Households facing a drop-in income due to coronavirus can get help with their debt repayments in the form of a payment holiday. This applies to mortgages as well as unsecured debts such as credit cards, store cards and loans. If your income has been affected, you might be considering whether a payment holiday is the right option for you.

Chancellor Rishi Sunak announced in March that mortgage lenders should offer a three-month payment holiday to help anyone struggling to meet their normal outgoings during the crisis. If renters are struggling, a payment holiday is also available to landlords with a buy-to-let mortgage.

In June, the Financial Conduct Authority (FCA) confirmed that anyone who is still struggling to pay their mortgage due to Coronavirus will be able to extend their payment holiday for a further three months. The extension for new applications has also been extended, so if you have not yet agreed a payment holiday with your mortgage lender, you now have until the 31 October to apply.

  • You can arrange the holiday by speaking to your lender directly. We encourage you to do this as soon as you’re able if you think you might struggle.
  • The quickest way to apply is to fill in an online form. Find out which lenders offer an online application here. If you wish to speak to someone on the phone, be prepared for a long wait as phone lines are extremely busy at the moment.
  • You don’t need to provide any evidence to qualify for the three-month break. Just explain you are worried about missing payments.
  • During the payment holiday, the interest that you would have paid does not get waived. Taking a payment holiday might therefore mean that your monthly repayments in the future will be slightly higher than before if you want to pay off the mortgage in the same time period.
  • Alternatively, you can choose to pay back the interest built up after the three months, rather than adding it to the loan. Ask your lender about how it will work and get them to provide you with the new terms in writing.

This could be a suitable option if you can’t meet repayments because of the crisis and would benefit from the breathing space to stabilise your finances. However, if you’ll still be unable to meet your payments after the three-month period, it may not be your best option. If your income has dropped, your lender may offer you other alternatives.

The Financial Conduct Authority (FCA) has ruled that banks and building societies must offer those with outstanding loans and credit card debts three-month payment holidays. The rule also applies to those with car finance, store cards and catalogue debts.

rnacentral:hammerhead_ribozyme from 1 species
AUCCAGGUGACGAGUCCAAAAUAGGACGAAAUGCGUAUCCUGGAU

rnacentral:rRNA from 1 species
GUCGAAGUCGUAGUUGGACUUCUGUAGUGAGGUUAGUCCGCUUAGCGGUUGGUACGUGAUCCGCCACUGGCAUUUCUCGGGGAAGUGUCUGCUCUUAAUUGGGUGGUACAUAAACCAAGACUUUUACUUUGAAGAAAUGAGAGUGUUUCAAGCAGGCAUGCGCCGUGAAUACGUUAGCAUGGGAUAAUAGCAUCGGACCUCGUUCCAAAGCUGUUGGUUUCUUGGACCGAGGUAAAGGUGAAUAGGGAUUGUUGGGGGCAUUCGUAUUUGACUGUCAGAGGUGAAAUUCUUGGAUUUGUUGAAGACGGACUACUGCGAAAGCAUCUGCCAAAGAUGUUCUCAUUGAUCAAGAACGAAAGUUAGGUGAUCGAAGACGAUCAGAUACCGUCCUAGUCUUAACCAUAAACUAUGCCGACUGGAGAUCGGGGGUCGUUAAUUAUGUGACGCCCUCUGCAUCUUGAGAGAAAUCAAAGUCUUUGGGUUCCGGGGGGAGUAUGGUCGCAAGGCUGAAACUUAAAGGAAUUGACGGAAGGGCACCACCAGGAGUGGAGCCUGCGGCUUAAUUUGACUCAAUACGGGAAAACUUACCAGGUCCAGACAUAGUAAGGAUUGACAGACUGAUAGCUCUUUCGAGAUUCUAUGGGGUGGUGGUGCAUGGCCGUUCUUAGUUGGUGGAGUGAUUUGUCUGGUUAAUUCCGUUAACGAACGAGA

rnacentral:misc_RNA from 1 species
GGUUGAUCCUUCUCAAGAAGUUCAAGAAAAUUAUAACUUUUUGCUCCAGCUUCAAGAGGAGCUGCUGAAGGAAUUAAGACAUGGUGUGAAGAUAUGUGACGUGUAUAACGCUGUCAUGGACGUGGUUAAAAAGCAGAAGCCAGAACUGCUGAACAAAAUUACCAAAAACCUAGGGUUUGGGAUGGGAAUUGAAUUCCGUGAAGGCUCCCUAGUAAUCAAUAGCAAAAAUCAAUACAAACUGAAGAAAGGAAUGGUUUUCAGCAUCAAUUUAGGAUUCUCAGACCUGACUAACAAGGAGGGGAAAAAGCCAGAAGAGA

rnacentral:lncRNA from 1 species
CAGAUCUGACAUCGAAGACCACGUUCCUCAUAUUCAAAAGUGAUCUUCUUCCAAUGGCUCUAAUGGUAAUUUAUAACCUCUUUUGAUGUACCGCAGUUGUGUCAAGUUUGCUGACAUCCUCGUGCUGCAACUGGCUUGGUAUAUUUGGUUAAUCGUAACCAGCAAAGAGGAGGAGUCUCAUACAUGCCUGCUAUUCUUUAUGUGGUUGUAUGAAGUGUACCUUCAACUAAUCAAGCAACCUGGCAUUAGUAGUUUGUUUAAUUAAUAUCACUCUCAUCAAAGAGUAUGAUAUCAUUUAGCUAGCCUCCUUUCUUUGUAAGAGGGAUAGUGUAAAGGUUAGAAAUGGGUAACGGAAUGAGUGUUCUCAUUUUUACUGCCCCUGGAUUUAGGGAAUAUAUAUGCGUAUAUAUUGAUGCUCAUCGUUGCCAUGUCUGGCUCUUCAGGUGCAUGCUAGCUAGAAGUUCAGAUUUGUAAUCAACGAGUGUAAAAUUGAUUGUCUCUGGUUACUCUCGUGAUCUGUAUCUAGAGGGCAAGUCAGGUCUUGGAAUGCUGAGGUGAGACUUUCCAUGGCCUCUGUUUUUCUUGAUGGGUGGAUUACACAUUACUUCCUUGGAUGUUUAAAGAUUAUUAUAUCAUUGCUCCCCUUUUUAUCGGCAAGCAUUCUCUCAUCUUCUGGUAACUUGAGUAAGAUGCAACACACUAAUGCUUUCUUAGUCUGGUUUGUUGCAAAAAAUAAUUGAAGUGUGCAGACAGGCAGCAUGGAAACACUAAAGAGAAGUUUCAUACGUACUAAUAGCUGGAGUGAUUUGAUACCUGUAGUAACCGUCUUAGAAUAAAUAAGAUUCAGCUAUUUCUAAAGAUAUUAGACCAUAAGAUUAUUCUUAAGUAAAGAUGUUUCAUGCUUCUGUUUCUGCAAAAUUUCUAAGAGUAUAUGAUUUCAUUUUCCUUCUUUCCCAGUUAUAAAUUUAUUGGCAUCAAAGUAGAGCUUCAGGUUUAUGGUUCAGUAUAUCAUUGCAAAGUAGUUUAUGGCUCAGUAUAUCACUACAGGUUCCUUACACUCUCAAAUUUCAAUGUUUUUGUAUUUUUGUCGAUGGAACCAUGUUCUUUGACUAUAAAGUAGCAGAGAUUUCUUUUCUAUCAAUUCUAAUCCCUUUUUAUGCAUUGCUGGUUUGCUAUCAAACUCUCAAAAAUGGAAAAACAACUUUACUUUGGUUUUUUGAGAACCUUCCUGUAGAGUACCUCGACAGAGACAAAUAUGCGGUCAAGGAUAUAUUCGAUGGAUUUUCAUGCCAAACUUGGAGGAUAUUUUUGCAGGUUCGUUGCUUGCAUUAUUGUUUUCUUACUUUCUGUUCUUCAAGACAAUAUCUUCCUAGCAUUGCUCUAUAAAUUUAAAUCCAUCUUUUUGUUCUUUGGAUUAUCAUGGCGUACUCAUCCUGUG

If you decide to take a payment holiday, you will still be charged interest, which must be repaid at a later date. Many lenders are being flexible and offering support to borrowers suffering financial hardship. They might agree reduced payments or credit limit increases to help customers during these difficult and uncertain times.

Contact your lender or credit provider directly as soon as you think you might be unable to make repayments. You can also see how lenders are helping credit customers in our handy guide.

Payment holidays for insurance

If you’re struggling to meet monthly payments you can also apply to pause your insurance payments for one to three months. Including car, home, boiler, life, private medical insurance and more.

This could also involve extra flexibility so you could benefit from the following:

  • Waiving of cancellation fees
  • The chance to reassess your policies to make sure they’re still suitable
  • The removal of any ‘unecessary’ extras – such as ‘key cover’ while you’re not using your car as often, if at all

A payment holiday generally should not create a blemish on your credit report as long as it’s agreed with your lender in advance. If you simply cancel your direct debit or fail to make a repayment on the usual date without prior agreement it will register as a missed payment on your credit report, which may result in you being charged a fee.

Once a payment holiday is in place, it's a good idea to check your credit report to make sure it's not affecting your score, and it's been implemented by your lender correctly.

Household utility firms (for example water and energy suppliers) are taking differing approaches to how they support consumers at this time, which may result in changes to how they update your credit report. Where you agree a payment freeze with them, you should ask the company how they will show this on your credit report.

Lenders don’t just use credit reports and credit scores to assess your creditworthiness when you apply for a mortgage. They also use information from your application form, and sometimes your bank account, to consider whether you can afford the new payments. If you’ve taken a recent payment holiday, some lenders may look at your application more carefully.

If you’ve recently taken an agreed payment holiday and are about to apply for a mortgage, it’s important to speak to lenders directly before you apply. Ask them whether your agreed payment holiday might affect your application.

During this challenging time we want to help give you as much guidance as possible. You can find more information on our Coronavirus help page.